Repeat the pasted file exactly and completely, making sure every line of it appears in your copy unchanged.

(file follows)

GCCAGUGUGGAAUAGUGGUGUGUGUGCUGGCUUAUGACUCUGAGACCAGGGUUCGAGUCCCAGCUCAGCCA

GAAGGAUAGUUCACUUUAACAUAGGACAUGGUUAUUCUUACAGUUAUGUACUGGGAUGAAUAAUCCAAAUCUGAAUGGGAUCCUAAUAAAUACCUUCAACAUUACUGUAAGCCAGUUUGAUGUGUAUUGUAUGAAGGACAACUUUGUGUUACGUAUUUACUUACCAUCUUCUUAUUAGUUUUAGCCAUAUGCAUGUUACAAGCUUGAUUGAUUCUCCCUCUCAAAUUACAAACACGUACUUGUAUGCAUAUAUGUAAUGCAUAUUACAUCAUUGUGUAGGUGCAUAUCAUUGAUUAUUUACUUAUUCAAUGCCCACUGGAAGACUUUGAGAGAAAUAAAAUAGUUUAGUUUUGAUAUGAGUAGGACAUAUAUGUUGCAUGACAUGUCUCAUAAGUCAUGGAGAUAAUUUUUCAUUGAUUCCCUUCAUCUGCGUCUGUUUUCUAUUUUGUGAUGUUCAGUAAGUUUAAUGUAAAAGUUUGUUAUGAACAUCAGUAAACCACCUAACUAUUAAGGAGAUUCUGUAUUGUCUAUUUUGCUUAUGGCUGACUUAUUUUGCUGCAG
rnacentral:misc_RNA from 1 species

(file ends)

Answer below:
GCCAGUGUGGAAUAGUGGUGUGUGUGCUGGCUUAUGACUCUGAGACCAGGGUUCGAGUCCCAGCUCAGCCA

GAAGGAUAGUUCACUUUAACAUAGGACAUGGUUAUUCUUACAGUUAUGUACUGGGAUGAAUAAUCCAAAUCUGAAUGGGAUCCUAAUAAAUACCUUCAACAUUACUGUAAGCCAGUUUGAUGUGUAUUGUAUGAAGGACAACUUUGUGUUACGUAUUUACUUACCAUCUUCUUAUUAGUUUUAGCCAUAUGCAUGUUACAAGCUUGAUUGAUUCUCCCUCUCAAAUUACAAACACGUACUUGUAUGCAUAUAUGUAAUGCAUAUUACAUCAUUGUGUAGGUGCAUAUCAUUGAUUAUUUACUUAUUCAAUGCCCACUGGAAGACUUUGAGAGAAAUAAAAUAGUUUAGUUUUGAUAUGAGUAGGACAUAUAUGUUGCAUGACAUGUCUCAUAAGUCAUGGAGAUAAUUUUUCAUUGAUUCCCUUCAUCUGCGUCUGUUUUCUAUUUUGUGAUGUUCAGUAAGUUUAAUGUAAAAGUUUGUUAUGAACAUCAGUAAACCACCUAACUAUUAAGGAGAUUCUGUAUUGUCUAUUUUGCUUAUGGCUGACUUAUUUUGCUGCAG
rnacentral:misc_RNA from 1 species